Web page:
"A lot of the critics said 'Oh, it's all been told before' – well, actually nobody had woven the stories together in quite the same way," says Moyle. "People who write reviews are academic experts in their field and they talk about things that have been published in academic journals. I come from a broadcast background and as a programme-maker. I never assume anyone knows anything because although a few hundred thousand might, there are millions who don't."

So for the benefit of the millions who don't, here's a potted synopsis of the opening episode in the style of Entourage (or something like that): Three dudes junk 300 years of art history and get real. They paint hoes, who naturally they also jazz, and generally freak the straights who run the show. And then the main man, a critic named John Ruskin, who for some reason won't have sex with his honey, digs them, and the brothers hit the big time...

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Hunt even had a nickname, Monster, straight out of Entourage, as an artificially bewhiskered Rafe Spall explains. "He thinks it's because of his dogmatic work ethic, but his friends think he's a bit wild and intense," says the actor, who took painting lessons to get into the role of Hunt. "His conflict in this drama is the fact that he is a man of God, but he is also obsessed by a prostitute (Annie Miller), so, to justify this, he gives her lessons in deportment and manners, sort of My Fair Lady style."

No such hang-ups for the Brotherhood's most libertine member, as it were – Dante Gabriel Rossetti, who is played Aidan Turner. "He'd constantly just sleep with other women; he had no qualms about stuff like that," says Turner, also known as the vampire flatmate in BBC3's acclaimed horror comedy Being Human. "They're all such different characters, you kind of wonder why they're friends. But I guess all friendships are like that."

The cast of Pre-Raphaelites is completed by Samuel Barnett as John Millais, but it's Tom Hollander, as the probably paedophiliac John Ruskin, who steals the show with a performance of clammy slyness. Meanwhile, a fictional character, Fred Walters, has been introduced for the sake of exposition.

"Fred is an amalgam of a few real contemporaries of the Brotherhood, and I created him in order to tell stories from an outsider perspective," says Peter Bowker, who goes on to explain the power of the emerging media of the day and how this fed into the notoriety of the Pre-Raphaelites. "This period was the beginning of the world of art as we recognise it now," he says. "These guys exploded at the same time as the phenomenon of daily newspapers, and art was arguably the most popular entertainment of the day. Here are three young men blowing the art world apart. You shouldn't underestimate their impact: it would have been like when you first heard punk, heard hip-hop or first saw a Damien Hirst piece."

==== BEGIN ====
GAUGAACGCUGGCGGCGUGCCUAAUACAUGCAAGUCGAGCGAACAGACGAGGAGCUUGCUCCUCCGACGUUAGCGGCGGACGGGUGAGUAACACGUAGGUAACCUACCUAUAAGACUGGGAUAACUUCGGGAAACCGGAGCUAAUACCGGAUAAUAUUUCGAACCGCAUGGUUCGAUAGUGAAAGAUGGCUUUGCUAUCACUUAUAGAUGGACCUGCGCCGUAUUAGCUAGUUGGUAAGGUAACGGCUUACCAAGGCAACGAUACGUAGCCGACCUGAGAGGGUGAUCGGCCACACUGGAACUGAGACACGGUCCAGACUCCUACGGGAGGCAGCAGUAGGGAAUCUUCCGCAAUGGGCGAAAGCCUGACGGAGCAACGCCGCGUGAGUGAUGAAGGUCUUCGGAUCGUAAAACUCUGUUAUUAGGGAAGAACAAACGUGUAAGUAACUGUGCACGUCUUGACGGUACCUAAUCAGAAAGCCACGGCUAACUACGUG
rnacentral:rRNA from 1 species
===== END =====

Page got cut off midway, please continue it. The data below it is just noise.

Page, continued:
Look out for the splendid Mark Heap as Charles Dickens, the arch-critic of the fledgling movement. But what of the women – the wives, models and muses? Are they to be sidelined again, as in life? What of Lizzie Siddal (played by Amy Mason), the flame-haired hat-shop girl who became Millais' Ophelia? Or Annie Miller (played by Jennie Jacques), the prostitute whose depiction as the kept woman in Hunt's The Awakening Conscience proved too close to the bone? And Effie (Zoë Tapper), Ruskin's undesired wife who went on to marry Millais and have eight children?

"They all suffered in various degrees," says Franny Moyle. "The women are in a double bind because they are trapped by their inability to support themselves. They're endlessly being tortured by social convention."

Indeed, for all the effort to inject modernity into the story of the Pre-Raphaelites, it is the clash between their contemporary-seeming attitudes and the far less permissive mores of Victorian society that makes the story so compelling.

Desperate Romantics begins on Tuesday 21 July on BBC2